Quicker, Cleaner Lens Changes When Shooting Motorsports

by | Aug 5, 2019

Today’s Post by Joe Farace

As Jason Anderson advised in his post, How to Keep Your Sensor Clean, he suggests that you to “avoid changing lenses outdoors because dust can enter from uncontrolled areas and it’s the place where you have the least control.” Unfortunately the reality is that, especially when shooting motorsports, sometime you just gotta change lenses .

How I made this shot: This Audi ALMS race car was shot driving into The Corkscrew at Laguna Seca raceway using a Canon EOS 50D and a EF 75-300mm f/4-5.6 III USM lens (at 160mm.) Nighttime exposure was 1/500 sec at f/8 and ISO 400.

Here’s something that might help: MindShift Gear’s Lens Switch Case ($42.50) is a modular lens/accessory pouch that can be carried or attached to the belt of your favorite backpack. The company’s inexpensive ($16.50) rotation180° Professional Attachment straps make that something that’s easy to do.

This lightweight belt pouch accommodates most wide angle to telephoto lenses including 17-40mm, 14-24mm, tilt shift, 24-70mm and 70-200mm lenses. In addition to lenses you can store a professional speedlight or maybe two pro speedlights or a 4×6 filter kit and accessories. All of the zippered closures can be opened and closed with one hand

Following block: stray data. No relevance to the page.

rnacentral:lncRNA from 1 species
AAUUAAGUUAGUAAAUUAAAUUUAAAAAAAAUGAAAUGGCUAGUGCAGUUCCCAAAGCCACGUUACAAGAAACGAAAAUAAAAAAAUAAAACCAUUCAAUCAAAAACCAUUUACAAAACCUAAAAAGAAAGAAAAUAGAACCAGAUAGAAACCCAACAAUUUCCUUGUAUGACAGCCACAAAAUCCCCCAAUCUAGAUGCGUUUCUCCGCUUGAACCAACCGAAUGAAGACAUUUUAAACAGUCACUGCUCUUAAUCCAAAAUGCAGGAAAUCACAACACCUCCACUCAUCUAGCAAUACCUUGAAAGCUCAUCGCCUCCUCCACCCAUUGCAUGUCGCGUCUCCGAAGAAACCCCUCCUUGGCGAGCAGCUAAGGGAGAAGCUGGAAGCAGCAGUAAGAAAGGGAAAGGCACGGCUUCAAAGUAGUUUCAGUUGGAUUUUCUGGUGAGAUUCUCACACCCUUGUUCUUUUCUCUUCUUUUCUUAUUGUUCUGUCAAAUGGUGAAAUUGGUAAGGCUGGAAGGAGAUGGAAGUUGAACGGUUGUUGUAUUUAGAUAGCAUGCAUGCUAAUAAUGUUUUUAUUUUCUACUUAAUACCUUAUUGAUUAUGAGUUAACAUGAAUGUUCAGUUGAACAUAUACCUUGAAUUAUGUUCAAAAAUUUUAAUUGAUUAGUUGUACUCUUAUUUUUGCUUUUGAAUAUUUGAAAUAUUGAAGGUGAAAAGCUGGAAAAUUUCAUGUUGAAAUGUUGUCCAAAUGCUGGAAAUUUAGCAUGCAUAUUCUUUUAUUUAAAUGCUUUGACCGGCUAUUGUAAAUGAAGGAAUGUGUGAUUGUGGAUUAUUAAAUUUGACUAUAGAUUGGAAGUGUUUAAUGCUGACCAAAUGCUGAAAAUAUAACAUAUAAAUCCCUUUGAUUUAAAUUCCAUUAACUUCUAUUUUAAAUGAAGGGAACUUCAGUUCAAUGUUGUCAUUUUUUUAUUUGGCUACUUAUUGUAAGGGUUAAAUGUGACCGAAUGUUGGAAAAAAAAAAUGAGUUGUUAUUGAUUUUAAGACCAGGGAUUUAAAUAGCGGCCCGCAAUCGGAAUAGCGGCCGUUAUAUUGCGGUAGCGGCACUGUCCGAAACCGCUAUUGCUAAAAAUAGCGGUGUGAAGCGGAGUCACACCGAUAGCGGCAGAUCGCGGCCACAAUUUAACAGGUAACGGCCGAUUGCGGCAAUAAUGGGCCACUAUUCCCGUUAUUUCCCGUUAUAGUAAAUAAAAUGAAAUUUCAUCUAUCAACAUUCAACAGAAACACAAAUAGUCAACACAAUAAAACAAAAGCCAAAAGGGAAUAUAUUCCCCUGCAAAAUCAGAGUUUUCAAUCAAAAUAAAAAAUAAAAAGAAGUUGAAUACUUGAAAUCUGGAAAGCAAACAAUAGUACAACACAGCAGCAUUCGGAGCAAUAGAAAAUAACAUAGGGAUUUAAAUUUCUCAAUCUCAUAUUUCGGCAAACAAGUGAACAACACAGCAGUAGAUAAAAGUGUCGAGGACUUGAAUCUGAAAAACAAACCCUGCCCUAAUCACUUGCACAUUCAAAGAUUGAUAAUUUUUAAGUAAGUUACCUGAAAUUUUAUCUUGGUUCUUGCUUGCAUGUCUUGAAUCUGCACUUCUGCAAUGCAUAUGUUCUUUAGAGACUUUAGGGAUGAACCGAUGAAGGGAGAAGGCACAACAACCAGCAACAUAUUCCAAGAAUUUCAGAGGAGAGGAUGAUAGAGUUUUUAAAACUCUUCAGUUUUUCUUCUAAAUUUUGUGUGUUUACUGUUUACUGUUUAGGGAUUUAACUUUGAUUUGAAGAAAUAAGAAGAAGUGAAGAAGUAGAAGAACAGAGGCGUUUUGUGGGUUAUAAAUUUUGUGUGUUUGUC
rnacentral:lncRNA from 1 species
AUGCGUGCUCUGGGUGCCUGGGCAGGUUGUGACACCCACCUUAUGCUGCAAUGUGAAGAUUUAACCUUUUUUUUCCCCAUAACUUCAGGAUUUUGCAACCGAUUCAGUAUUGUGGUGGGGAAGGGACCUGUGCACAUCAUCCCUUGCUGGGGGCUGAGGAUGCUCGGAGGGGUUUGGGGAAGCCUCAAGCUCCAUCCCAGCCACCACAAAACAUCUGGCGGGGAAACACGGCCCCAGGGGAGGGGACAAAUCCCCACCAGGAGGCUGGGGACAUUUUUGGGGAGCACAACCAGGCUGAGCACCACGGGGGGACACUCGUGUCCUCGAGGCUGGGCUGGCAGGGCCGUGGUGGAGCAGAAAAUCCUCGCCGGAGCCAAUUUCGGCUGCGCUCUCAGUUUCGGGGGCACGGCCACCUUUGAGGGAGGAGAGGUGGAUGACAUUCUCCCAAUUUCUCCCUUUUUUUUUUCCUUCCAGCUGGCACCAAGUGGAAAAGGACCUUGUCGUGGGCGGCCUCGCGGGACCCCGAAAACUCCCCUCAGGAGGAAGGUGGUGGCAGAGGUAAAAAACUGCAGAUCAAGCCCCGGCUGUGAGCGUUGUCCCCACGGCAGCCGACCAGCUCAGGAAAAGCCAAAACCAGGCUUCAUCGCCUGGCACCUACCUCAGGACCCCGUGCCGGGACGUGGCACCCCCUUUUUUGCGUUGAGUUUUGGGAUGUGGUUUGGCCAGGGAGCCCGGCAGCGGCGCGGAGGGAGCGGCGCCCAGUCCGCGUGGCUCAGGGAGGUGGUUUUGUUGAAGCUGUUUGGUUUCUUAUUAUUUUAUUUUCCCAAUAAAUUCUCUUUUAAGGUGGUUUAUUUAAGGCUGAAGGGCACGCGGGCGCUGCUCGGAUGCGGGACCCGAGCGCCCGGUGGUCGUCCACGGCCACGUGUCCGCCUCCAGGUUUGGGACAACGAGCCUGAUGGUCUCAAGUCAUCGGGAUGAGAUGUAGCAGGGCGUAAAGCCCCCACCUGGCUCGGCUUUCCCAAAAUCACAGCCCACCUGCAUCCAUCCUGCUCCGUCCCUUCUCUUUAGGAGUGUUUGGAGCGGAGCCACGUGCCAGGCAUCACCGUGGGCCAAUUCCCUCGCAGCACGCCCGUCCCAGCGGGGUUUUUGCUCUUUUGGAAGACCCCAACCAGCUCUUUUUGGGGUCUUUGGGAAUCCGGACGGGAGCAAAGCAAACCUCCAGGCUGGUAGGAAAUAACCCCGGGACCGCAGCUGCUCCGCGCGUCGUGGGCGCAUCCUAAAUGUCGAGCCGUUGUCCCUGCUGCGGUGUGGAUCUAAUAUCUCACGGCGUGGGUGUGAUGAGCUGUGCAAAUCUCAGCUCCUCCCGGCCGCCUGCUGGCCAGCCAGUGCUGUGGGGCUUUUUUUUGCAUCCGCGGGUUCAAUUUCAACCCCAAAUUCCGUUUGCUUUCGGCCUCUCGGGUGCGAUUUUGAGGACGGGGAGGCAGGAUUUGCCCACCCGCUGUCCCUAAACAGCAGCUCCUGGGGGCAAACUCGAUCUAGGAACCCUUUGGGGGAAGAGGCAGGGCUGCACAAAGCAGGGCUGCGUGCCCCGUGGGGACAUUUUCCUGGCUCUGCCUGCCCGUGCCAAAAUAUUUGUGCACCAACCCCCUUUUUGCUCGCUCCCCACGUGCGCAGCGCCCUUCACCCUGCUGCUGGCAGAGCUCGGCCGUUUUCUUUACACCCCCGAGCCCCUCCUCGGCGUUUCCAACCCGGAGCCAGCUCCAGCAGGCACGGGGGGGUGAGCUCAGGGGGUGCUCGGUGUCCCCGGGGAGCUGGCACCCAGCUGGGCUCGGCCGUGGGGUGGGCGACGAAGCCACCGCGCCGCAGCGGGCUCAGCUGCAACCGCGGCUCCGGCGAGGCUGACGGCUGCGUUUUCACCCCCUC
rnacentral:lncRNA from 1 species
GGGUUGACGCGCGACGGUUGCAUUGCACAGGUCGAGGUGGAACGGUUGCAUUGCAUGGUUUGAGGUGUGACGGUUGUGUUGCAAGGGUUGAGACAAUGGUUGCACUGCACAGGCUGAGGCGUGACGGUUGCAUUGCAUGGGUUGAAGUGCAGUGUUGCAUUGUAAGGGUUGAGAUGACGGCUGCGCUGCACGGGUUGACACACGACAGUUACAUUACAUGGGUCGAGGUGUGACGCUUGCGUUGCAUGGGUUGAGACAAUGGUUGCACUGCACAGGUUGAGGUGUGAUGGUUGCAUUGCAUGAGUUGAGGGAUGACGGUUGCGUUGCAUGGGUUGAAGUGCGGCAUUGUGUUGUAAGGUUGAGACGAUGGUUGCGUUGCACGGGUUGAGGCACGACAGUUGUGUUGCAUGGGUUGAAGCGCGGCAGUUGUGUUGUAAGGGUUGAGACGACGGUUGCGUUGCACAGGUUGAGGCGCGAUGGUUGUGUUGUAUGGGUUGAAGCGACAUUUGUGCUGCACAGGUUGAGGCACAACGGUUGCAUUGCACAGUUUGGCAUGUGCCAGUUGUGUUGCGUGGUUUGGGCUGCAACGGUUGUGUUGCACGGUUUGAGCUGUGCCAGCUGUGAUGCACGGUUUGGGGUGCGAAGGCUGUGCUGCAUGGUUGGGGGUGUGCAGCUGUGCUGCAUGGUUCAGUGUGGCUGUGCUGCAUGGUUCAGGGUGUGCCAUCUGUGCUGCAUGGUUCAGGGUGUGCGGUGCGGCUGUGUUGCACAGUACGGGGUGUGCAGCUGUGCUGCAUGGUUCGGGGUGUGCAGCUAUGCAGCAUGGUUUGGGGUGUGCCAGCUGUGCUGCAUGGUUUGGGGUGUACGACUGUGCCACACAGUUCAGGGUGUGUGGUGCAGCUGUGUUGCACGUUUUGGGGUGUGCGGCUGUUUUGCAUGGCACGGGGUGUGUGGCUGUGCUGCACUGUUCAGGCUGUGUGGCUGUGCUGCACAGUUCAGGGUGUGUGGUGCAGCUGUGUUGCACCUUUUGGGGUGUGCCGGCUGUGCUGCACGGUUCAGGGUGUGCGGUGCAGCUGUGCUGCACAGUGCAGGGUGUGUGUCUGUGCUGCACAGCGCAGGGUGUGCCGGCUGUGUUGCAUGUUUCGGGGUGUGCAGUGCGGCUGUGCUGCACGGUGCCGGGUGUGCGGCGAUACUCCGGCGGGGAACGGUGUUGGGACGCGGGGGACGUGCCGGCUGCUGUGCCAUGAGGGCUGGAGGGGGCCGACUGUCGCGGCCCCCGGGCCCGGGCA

An external zippered pocket holds filters, cable release or a cleaning cloth. The removable padded divider lets you protect two items placed side-by-side. A custom-fitted rain cover stows the bottom pouch.

The case measures 7 x 4.5 x 3-inched when retracted or 10 x 4.5 x 3-inches when it’s extended. The Lens Switch Case weighs six ounces and is made from 30D Ripstop PU, 210 D nylon, 140 D silver toned nylon, has YKK zippers and like all MindShift Gear products, it’s able to stand up to the elements.

It’s something to think about the next time yoy head out to the track…

If you enjoyed today’s blog post and would like to treat me to a cup of Earl Grey tea ($2.50), please click here. And if you do, thanks so much.


Along with photographer Barry Staver, Joe is co-author of Better Available Light Digital Photography that’s out-of-print but new copies are available for $21.88 or used copies for giveaway prices—less than two bucks—from Amazon, as I write this. The Kindle version, for some reason, is expensive.